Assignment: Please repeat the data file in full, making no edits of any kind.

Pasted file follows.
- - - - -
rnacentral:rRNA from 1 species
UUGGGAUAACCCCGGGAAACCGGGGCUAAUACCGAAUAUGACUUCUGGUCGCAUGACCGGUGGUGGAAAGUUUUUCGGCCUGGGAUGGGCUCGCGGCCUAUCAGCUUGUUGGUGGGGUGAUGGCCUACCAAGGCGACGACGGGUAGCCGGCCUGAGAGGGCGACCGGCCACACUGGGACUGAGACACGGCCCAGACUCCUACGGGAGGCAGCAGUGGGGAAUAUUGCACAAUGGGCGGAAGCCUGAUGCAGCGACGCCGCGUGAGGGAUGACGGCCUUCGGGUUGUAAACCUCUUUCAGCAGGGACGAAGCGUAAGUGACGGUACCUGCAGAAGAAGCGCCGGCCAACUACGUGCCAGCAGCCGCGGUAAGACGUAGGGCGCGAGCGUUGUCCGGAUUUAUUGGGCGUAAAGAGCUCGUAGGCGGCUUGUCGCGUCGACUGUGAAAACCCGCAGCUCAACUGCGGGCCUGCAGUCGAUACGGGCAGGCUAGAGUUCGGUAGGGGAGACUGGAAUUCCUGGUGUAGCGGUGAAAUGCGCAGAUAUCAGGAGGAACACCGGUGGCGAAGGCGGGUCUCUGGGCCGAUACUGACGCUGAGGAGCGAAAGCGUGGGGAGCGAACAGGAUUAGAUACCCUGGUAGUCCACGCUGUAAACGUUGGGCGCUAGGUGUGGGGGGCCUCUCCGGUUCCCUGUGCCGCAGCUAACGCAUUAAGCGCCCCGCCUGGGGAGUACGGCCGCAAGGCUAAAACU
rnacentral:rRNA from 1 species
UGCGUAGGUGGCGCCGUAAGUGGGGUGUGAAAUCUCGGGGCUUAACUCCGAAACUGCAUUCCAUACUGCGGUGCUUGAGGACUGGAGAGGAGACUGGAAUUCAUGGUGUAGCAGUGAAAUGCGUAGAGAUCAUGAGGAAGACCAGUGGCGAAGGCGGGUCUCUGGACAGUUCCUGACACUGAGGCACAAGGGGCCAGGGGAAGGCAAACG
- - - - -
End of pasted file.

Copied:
rnacentral:rRNA from 1 species
UUGGGAUAACCCCGGGAAACCGGGGCUAAUACCGAAUAUGACUUCUGGUCGCAUGACCGGUGGUGGAAAGUUUUUCGGCCUGGGAUGGGCUCGCGGCCUAUCAGCUUGUUGGUGGGGUGAUGGCCUACCAAGGCGACGACGGGUAGCCGGCCUGAGAGGGCGACCGGCCACACUGGGACUGAGACACGGCCCAGACUCCUACGGGAGGCAGCAGUGGGGAAUAUUGCACAAUGGGCGGAAGCCUGAUGCAGCGACGCCGCGUGAGGGAUGACGGCCUUCGGGUUGUAAACCUCUUUCAGCAGGGACGAAGCGUAAGUGACGGUACCUGCAGAAGAAGCGCCGGCCAACUACGUGCCAGCAGCCGCGGUAAGACGUAGGGCGCGAGCGUUGUCCGGAUUUAUUGGGCGUAAAGAGCUCGUAGGCGGCUUGUCGCGUCGACUGUGAAAACCCGCAGCUCAACUGCGGGCCUGCAGUCGAUACGGGCAGGCUAGAGUUCGGUAGGGGAGACUGGAAUUCCUGGUGUAGCGGUGAAAUGCGCAGAUAUCAGGAGGAACACCGGUGGCGAAGGCGGGUCUCUGGGCCGAUACUGACGCUGAGGAGCGAAAGCGUGGGGAGCGAACAGGAUUAGAUACCCUGGUAGUCCACGCUGUAAACGUUGGGCGCUAGGUGUGGGGGGCCUCUCCGGUUCCCUGUGCCGCAGCUAACGCAUUAAGCGCCCCGCCUGGGGAGUACGGCCGCAAGGCUAAAACU
rnacentral:rRNA from 1 species
UGCGUAGGUGGCGCCGUAAGUGGGGUGUGAAAUCUCGGGGCUUAACUCCGAAACUGCAUUCCAUACUGCGGUGCUUGAGGACUGGAGAGGAGACUGGAAUUCAUGGUGUAGCAGUGAAAUGCGUAGAGAUCAUGAGGAAGACCAGUGGCGAAGGCGGGUCUCUGGACAGUUCCUGACACUGAGGCACAAGGGGCCAGGGGAAGGCAAACG